Wikipedia about destinations in Lower Silesia
The international airport is located in Wrocław - Wrocław ? Copernicus Airport.
The A4 motorway and A18 motorway run through Lower Silesia.
Lower Silesia is one of the most visited regions in Poland. It is famous for a large number of castles and palaces (more than 100), inter alia: Książ Castle, Czocha Castle, Grodziec castle, Gola Dzierżoniowska Castle. There is also a lot in the Jelenia Góra valley.
The most widely visited city is Wrocław.
The Festival of Good Beer is held every year on the second weekend of June.
Other highlights: Kłodzko Fortress, Fort Silberberg, Project Riese, Wambierzyce, Legnickie Pole, Oleśnica Mała, Lubiąż Abbey, Krzeszów, Henryków, Vang stave church, Churches of Peace, Mount Ślęża, Table Mountains, Owl Mountains, Karkonosze, The Main Trail Sudetes, Barycz Valley Landscape Park.
Tourists traveling along Wroclaw can use for this purpose trams and public buses. Their schedules are arranged so that the tourists could at the time to get to the important historic sites that are frequently visited by them. In addition, over the weekend, which hosts an important film screenings and theater premieres, run extra buses, whose aim is to supply all interested parties on the beginning cultural event. In Wroclaw we are also bus stations, which get out not only tourists, but also students who drift on different sides of the city. In the spring and summer many tourists moving around Wroclaw also bikes, by existing in this city cycling paths.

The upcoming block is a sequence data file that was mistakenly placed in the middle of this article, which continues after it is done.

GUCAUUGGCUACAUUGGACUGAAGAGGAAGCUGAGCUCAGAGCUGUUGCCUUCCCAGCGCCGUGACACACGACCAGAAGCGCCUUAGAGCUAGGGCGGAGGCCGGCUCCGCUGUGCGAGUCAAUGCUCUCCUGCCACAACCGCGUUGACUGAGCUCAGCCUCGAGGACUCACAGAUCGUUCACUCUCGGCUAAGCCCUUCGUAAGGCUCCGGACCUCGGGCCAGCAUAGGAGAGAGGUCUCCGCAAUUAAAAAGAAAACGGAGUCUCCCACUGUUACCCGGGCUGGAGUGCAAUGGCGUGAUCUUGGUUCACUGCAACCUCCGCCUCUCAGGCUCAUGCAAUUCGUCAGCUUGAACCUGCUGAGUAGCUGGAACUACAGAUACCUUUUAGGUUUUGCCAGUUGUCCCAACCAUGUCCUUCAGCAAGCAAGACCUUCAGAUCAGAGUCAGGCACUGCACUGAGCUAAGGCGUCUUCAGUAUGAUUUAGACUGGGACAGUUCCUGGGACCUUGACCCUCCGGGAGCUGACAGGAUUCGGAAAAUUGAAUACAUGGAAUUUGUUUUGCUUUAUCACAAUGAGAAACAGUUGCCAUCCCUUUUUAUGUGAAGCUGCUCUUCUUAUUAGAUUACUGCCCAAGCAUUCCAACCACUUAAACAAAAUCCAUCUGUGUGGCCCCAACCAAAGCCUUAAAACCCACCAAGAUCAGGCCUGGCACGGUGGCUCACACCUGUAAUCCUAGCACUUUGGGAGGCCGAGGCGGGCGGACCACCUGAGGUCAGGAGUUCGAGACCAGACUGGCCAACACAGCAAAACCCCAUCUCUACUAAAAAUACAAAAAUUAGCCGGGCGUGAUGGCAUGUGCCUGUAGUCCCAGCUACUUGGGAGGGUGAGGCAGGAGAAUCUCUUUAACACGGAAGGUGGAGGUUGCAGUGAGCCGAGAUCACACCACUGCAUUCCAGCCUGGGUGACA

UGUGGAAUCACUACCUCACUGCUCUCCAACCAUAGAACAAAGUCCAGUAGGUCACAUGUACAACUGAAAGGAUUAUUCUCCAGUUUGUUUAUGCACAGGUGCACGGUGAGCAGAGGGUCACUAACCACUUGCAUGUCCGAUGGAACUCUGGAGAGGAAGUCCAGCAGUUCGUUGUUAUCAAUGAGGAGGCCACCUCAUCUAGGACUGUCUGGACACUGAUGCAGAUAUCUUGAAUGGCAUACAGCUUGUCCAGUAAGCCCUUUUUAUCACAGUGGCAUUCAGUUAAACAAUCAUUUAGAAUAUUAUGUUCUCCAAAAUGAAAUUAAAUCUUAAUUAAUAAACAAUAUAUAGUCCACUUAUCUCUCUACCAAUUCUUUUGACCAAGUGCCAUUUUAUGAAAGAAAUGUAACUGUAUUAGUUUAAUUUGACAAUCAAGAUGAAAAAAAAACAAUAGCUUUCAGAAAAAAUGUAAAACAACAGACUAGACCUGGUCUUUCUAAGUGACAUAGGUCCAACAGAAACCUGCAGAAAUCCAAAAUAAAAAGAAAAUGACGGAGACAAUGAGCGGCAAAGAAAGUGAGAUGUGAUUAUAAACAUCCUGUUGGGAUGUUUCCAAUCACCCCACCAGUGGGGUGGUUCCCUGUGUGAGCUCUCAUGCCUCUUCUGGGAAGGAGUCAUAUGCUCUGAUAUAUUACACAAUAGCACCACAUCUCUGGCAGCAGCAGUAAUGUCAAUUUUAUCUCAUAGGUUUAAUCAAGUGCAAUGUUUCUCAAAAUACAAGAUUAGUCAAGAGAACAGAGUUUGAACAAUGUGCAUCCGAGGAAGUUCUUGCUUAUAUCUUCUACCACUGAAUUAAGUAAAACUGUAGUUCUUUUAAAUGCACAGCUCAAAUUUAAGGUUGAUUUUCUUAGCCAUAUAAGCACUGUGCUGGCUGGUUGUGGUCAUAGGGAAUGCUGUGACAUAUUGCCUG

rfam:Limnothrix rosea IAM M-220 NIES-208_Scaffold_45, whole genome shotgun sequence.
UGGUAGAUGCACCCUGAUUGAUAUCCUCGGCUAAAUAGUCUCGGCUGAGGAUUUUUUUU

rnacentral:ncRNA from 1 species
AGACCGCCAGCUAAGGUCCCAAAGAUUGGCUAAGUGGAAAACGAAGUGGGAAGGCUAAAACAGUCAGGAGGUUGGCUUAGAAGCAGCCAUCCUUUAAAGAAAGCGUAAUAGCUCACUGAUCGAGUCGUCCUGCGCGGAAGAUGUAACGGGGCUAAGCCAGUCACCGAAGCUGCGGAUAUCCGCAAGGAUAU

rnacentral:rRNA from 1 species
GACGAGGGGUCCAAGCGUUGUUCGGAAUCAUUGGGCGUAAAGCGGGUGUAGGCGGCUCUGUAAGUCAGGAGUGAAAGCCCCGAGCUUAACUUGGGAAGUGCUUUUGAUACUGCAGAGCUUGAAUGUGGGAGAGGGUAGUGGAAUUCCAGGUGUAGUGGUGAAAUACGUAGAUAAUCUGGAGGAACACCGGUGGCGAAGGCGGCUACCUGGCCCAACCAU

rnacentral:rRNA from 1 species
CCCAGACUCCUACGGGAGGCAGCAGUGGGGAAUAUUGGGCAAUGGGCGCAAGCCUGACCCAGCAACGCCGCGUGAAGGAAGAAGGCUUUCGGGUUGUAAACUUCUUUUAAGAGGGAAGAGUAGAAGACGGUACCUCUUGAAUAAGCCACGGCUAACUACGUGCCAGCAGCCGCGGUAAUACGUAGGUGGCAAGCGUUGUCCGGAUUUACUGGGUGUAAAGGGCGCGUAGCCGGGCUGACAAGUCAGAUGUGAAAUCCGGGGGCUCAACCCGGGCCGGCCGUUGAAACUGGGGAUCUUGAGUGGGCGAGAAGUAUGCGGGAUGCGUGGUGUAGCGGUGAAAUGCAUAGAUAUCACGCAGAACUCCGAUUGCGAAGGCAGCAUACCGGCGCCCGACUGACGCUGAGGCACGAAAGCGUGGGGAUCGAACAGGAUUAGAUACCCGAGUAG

Elemental informations about Sudety mountains
The Sudetes "su??di?ti?z" are a mountain range in Central Europe, also known in English (from their names in German and Czech/Polish) as the Sudeten or Sudety mountains.
The range stretches from eastern Germany along the northern border of the Czech Republic to south-western Poland. The highest peak of the range is Sněžka (Polish: Śnieżka) in the Krkonoše (Polish: Karkonosze) mountains on the Czech Republic?Poland border, which is 1,603 metres (5,259 ft) in elevation. The current geomorphological unit in the Czech part of the mountain range is Krkonošsko-jesenická subprovincie ("Krkonoše-Jeseníky").
The Krkonoše Mountains (also called the Giant Mountains) have experienced growing tourism for winter sports during the past ten years. Their skiing resorts are becoming a budget alternative to the Alps.